Smartphone Use Associated with Refractive Error in Teenagers: The Myopia App Study

Clair A. Enthoven, Jan Roelof Polling, Timo Verzijden, J. Willem L. Tideman, Nora Al-Jaffar, Pauline W. Jansen, Hein Raat, Lauwerens Metz, Virginie J.M. Verhoeven, Caroline C.W. Klaver*

*Corresponding author for this work

Research output: Contribution to journalArticleAcademicpeer-review

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Abstract

Purpose: To investigate the association between smartphone use and refractive error in teenagers using the Myopia app. Design: Cross-sectional population-based study. Participants: A total of 525 teenagers 12 to 16 years of age from 6 secondary schools and from the birth cohort study Generation R participated. Methods: A smartphone application (Myopia app; Innovattic) was designed to measure smartphone use and face-to-screen distance objectively and to pose questions about outdoor exposure. Participants underwent cycloplegic refractive error and ocular biometry measurements. Mean daily smartphone use was calculated in hours per day and continuous use as the number of episodes of 20 minutes on screen without breaks. Linear mixed models were conducted with smartphone use, continuous use, and face-to-screen distance as determinants and spherical equivalent of refraction (SER) and axial length-to-corneal radius (AL:CR) ratio as outcome measures stratified by median outdoor exposure. Main Outcome Measures: Spherical equivalent of refraction in diopters and AL:CR ratio. Results: The teenagers on average were 13.7 ± 0.85 years of age, and myopia prevalence was 18.9%. During school days, total smartphone use on average was 3.71 ± 1.70 hours/day and was associated only borderline significantly with AL:CR ratio (β = 0.008; 95% confidence interval [CI], –0.001 to 0.017) and not with SER. Continuous use on average was 6.42 ± 4.36 episodes of 20-minute use without breaks per day and was associated significantly with SER and AL:CR ratio (β = –0.07 [95% CI, –0.13 to –0.01] and β = 0.004 [95% CI, 0.001–0.008], respectively). When stratifying for outdoor exposure, continuous use remained significant only for teenagers with low exposure (β = –0.10 [95% CI, –0.20 to –0.01] and β = 0.007 [95% CI, 0.001–0.013] for SER and AL:CR ratio, respectively). Smartphone use during weekends was not associated significantly with SER and AL:CR ratio, nor was face-to-screen distance. Conclusions: Dutch teenagers spent almost 4 hours per day on their smartphones. Episodes of 20 minutes of continuous use were associated with more myopic refractive errors, particularly in those with low outdoor exposure. This study suggested that frequent breaks should become a recommendation for smartphone use in teenagers. Future large longitudinal studies will allow more detailed information on safe screen use in youth.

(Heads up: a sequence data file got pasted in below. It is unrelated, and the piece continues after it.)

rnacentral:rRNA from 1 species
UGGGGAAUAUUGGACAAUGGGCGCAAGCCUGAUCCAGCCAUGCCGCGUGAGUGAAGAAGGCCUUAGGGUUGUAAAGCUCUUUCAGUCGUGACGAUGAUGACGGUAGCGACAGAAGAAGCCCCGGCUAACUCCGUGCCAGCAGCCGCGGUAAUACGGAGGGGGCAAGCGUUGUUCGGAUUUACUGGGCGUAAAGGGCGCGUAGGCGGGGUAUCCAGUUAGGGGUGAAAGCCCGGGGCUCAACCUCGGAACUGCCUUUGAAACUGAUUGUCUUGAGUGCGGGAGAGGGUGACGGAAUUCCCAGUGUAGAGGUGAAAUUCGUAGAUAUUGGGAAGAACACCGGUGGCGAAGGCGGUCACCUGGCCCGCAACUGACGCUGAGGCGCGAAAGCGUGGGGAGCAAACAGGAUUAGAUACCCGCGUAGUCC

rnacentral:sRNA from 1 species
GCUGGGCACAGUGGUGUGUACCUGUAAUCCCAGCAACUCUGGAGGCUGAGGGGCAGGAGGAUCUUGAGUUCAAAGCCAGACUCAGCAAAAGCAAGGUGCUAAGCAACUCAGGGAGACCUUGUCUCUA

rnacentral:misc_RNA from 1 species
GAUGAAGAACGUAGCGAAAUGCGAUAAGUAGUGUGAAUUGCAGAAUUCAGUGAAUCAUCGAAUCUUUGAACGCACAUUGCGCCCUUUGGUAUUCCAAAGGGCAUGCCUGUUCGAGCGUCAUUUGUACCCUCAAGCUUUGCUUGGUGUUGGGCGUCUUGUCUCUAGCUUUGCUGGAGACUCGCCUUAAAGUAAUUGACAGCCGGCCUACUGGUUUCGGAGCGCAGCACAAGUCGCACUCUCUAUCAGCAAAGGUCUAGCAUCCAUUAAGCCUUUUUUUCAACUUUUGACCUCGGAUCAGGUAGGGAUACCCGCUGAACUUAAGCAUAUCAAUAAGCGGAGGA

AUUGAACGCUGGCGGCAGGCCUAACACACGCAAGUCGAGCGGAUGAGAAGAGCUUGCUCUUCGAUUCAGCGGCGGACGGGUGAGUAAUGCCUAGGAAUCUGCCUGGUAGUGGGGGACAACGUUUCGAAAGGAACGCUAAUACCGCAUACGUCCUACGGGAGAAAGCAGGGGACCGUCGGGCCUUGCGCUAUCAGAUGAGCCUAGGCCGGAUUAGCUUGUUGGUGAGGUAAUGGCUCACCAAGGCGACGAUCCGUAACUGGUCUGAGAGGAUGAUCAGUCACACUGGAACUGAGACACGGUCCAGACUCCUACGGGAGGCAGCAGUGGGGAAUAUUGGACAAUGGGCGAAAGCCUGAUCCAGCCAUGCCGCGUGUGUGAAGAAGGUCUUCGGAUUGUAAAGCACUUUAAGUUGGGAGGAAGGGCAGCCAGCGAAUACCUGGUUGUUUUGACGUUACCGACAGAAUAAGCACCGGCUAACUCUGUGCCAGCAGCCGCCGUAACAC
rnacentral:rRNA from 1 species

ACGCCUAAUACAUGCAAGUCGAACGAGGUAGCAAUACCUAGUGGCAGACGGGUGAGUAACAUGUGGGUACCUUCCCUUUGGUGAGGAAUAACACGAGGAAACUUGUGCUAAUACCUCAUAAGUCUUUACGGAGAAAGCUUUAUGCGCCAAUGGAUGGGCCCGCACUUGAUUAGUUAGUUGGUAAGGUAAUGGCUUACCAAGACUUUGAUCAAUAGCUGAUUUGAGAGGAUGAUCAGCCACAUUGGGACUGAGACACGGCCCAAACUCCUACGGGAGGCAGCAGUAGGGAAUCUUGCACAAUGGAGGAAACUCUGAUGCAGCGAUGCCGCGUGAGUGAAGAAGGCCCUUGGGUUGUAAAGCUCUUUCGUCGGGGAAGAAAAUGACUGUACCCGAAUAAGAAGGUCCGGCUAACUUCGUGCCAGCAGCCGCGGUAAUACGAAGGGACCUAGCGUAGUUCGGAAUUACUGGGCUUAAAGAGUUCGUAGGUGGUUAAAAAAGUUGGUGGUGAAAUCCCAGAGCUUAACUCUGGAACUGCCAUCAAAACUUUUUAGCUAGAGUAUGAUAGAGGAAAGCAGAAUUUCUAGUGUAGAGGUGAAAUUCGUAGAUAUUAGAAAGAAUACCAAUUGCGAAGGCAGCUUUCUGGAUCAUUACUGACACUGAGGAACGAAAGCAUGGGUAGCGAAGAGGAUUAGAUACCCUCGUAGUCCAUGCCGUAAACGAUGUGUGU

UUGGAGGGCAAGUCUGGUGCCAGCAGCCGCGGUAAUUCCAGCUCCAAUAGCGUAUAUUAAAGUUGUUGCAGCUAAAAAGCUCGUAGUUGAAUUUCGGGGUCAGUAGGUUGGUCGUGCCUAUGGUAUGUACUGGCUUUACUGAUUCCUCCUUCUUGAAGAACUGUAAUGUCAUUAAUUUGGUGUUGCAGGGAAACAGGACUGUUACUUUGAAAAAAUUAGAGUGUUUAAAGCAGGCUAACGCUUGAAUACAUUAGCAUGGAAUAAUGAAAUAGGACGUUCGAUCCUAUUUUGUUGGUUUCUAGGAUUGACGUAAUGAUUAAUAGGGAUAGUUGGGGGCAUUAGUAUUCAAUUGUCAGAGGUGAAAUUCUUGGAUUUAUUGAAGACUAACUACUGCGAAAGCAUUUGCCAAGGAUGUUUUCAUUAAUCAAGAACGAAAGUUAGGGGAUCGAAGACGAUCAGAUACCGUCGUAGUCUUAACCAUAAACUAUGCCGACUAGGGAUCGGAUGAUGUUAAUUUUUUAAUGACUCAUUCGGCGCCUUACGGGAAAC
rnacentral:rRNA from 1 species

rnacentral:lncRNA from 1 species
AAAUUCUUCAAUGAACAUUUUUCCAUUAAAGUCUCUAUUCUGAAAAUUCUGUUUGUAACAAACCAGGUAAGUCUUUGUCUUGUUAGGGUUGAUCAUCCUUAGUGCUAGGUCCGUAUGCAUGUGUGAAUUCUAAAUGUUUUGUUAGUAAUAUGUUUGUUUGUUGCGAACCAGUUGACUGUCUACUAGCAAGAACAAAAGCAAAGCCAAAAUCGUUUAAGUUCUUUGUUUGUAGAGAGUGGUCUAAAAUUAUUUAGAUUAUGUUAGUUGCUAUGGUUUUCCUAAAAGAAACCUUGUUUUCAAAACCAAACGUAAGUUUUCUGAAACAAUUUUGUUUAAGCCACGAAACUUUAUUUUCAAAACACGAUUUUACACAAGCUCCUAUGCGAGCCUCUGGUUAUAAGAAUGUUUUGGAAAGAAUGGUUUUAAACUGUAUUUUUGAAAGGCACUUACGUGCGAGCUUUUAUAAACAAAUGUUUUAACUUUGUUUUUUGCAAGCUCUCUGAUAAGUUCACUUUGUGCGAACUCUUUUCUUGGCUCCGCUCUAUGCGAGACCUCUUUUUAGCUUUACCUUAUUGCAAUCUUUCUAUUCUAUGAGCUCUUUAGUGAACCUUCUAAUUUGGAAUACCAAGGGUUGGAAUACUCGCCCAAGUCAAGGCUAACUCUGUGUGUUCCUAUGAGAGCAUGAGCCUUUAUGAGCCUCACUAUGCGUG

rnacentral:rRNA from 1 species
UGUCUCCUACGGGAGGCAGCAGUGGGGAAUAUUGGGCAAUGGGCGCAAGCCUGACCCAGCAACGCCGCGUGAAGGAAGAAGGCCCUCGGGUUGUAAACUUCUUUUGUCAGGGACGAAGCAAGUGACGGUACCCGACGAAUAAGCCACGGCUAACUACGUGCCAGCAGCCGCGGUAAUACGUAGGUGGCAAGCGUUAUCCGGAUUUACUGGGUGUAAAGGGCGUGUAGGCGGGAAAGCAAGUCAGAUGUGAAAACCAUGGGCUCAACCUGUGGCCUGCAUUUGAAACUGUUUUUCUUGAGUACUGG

Original languageEnglish
Pages (from-to)1681-1688
Number of pages8
JournalOphthalmology
Volume128
Issue number12
Early online date7 Jul 2021
DOIs
Publication statusPublished - 1 Dec 2021

Bibliographical note

Funding Information:
Supported by Oogfonds , ODAS, Uitzicht 2017-28 ( LSBS , MaculaFonds , Oogfonds); Netherlands Organization for Scientific Research (grant nos.: 91815655 [C.C.W.K.], 91617076 [V.J.M.V.], and 636320005 [P.W.J.]); and the European Research Council under the European Union’s Horizon 2020 research and innovation programme (grant no.: 648268 [C.C.W.K.]). The funding organizations had no role in the design or conduct of this research. They provided unrestricted grants.

Funding Information:
Supported by Oogfonds, ODAS, Uitzicht 2017-28 (LSBS, MaculaFonds, Oogfonds); Netherlands Organization for Scientific Research (grant nos.: 91815655 [C.C.W.K.], 91617076 [V.J.M.V.], and 636320005 [P.W.J.]); and the European Research Council under the European Union's Horizon 2020 research and innovation programme (grant no.: 648268 [C.C.W.K.]). The funding organizations had no role in the design or conduct of this research. They provided unrestricted grants. The author(s) have made the following disclosure(s): P.W.J.: Financial support ? ZonMW Obtained funding: Verhoeven, Klaver

Publisher Copyright:
© 2021 American Academy of Ophthalmology

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